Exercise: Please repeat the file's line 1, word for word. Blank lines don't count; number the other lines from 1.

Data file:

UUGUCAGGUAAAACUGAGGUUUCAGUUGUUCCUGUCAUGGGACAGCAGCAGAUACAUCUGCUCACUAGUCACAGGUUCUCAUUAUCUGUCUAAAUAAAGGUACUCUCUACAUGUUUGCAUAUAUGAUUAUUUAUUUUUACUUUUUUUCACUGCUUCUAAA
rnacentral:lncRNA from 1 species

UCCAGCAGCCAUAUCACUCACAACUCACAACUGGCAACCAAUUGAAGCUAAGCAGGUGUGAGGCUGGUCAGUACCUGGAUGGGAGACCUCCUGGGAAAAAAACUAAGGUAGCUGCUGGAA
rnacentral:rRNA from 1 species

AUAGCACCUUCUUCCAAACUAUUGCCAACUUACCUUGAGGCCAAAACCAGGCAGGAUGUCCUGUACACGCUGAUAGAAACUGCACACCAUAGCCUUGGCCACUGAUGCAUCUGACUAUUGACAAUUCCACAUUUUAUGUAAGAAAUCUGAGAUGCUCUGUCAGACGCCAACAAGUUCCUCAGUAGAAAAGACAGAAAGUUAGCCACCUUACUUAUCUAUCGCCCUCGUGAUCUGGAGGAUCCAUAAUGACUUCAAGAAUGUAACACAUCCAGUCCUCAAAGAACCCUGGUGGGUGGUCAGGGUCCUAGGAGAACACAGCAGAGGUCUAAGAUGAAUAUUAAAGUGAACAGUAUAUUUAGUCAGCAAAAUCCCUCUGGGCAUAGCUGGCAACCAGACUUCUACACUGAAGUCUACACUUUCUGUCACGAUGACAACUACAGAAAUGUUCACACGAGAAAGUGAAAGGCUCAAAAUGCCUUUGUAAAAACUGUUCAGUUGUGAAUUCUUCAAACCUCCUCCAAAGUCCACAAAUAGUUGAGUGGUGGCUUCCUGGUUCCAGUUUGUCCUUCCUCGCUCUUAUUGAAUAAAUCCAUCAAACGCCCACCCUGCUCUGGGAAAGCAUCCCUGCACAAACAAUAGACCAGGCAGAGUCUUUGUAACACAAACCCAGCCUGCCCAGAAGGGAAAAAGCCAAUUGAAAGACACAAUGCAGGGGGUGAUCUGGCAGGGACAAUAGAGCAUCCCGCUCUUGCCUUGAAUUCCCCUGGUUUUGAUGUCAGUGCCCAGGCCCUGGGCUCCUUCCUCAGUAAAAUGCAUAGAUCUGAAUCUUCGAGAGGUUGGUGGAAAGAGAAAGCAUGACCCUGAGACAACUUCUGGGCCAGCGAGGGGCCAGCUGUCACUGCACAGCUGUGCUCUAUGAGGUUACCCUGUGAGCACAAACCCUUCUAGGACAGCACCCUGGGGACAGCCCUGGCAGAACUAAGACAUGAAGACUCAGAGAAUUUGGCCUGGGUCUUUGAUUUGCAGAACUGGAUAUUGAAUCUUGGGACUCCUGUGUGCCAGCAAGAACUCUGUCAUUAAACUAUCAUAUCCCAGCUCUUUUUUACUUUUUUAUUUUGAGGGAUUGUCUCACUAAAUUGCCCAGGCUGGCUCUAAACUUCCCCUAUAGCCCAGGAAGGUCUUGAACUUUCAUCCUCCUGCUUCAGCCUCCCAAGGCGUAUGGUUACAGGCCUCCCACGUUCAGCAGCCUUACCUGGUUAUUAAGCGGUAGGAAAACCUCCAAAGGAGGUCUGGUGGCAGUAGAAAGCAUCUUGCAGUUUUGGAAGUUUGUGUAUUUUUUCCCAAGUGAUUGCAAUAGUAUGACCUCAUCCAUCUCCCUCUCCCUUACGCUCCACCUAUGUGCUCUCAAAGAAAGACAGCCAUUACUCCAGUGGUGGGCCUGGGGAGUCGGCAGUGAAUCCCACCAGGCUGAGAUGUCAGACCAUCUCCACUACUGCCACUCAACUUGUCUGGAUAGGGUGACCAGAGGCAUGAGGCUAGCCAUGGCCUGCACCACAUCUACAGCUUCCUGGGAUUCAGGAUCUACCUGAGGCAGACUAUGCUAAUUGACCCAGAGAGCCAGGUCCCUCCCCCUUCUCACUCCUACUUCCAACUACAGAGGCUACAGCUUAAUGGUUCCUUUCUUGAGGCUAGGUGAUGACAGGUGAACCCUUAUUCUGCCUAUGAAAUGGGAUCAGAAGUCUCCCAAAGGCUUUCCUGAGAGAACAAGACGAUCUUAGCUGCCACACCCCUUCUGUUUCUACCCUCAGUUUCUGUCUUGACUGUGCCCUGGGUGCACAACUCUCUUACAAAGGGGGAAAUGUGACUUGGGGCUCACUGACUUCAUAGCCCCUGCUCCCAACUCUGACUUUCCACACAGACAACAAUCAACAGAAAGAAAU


UUGUCAGGUAAAACUGAGGUUUCAGUUGUUCCUGUCAUGGGACAGCAGCAGAUACAUCUGCUCACUAGUCACAGGUUCUCAUUAUCUGUCUAAAUAAAGGUACUCUCUACAUGUUUGCAUAUAUGAUUAUUUAUUUUUACUUUUUUUCACUGCUUCUAAA